Nox knew where the conversation was going. He was shocked. He fumed in anger at Soc. He was obviously flushed too when the 3rd and 4th year students came out of their classrooms and saw him in a serious huddle with Sr Lucy. They started to whisper to each other. Nox all the while was not making progress, “No, Sister, that is not true. That is only a joke started by Soc.” But Sr Lucy would not hear it, “It’s ok. You can be honest with me. You can tell me about your problem.”
There was no escaping from the spiritual consultation. Nox knew he was trapped. He must have cursed me during the whole period he was talking to Sr Lucy. But Nox saw an opening. Gisakyan na lang. He reasoned out that probably his performance was not due to anything else but to his innate love for nature. He blamed his room in dorm C for not having a room where he can see nature: “I feel trapped, Sister, because I cannot see the sky and the trees from my window. I can only see the auditorium that is always deserted. It’s emptiness creates a similar psychologically effect in me.” The conversation then shifted to ways to cope that particular problem. “Probably it’s the feeling of solitude that is starting to creep in and which I haven’t really accepted yet“, he reasoned out. Sr Lucy finally believed him. I could imagine Nox must have been rearing to wind up that conversation and get back at me.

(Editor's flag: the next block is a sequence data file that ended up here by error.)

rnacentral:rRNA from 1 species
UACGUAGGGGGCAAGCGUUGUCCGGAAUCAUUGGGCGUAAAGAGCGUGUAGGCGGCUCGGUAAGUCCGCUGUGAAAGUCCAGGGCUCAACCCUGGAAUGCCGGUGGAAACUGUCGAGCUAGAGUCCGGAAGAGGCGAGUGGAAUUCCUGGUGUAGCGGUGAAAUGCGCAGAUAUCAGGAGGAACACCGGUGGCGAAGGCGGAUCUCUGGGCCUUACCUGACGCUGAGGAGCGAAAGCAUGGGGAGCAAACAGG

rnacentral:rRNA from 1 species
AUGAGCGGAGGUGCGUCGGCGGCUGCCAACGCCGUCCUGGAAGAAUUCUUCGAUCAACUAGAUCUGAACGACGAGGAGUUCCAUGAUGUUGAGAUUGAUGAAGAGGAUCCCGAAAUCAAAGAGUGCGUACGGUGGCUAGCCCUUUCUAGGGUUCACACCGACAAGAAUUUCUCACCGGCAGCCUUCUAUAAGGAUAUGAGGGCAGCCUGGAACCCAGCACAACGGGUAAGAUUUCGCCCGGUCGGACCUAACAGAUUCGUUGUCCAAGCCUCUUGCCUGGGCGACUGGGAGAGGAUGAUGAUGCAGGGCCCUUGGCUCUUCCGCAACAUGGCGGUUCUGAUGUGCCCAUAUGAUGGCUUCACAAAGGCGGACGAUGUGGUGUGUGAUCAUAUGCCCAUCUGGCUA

Well, it was a joke since Nox and the rest of the class were addicts of only one thing “bahaw” and hot sardines. It was also a joke that ended well in a good laugh. (soc)
We were very happy as a class. But time was not fully in our hands. It passed by so quickly. The school year ended almost unnoticed. So was our life in Dorm C. We soon realized that Batchoy, Nick and Eric would not return the following school year. (soc)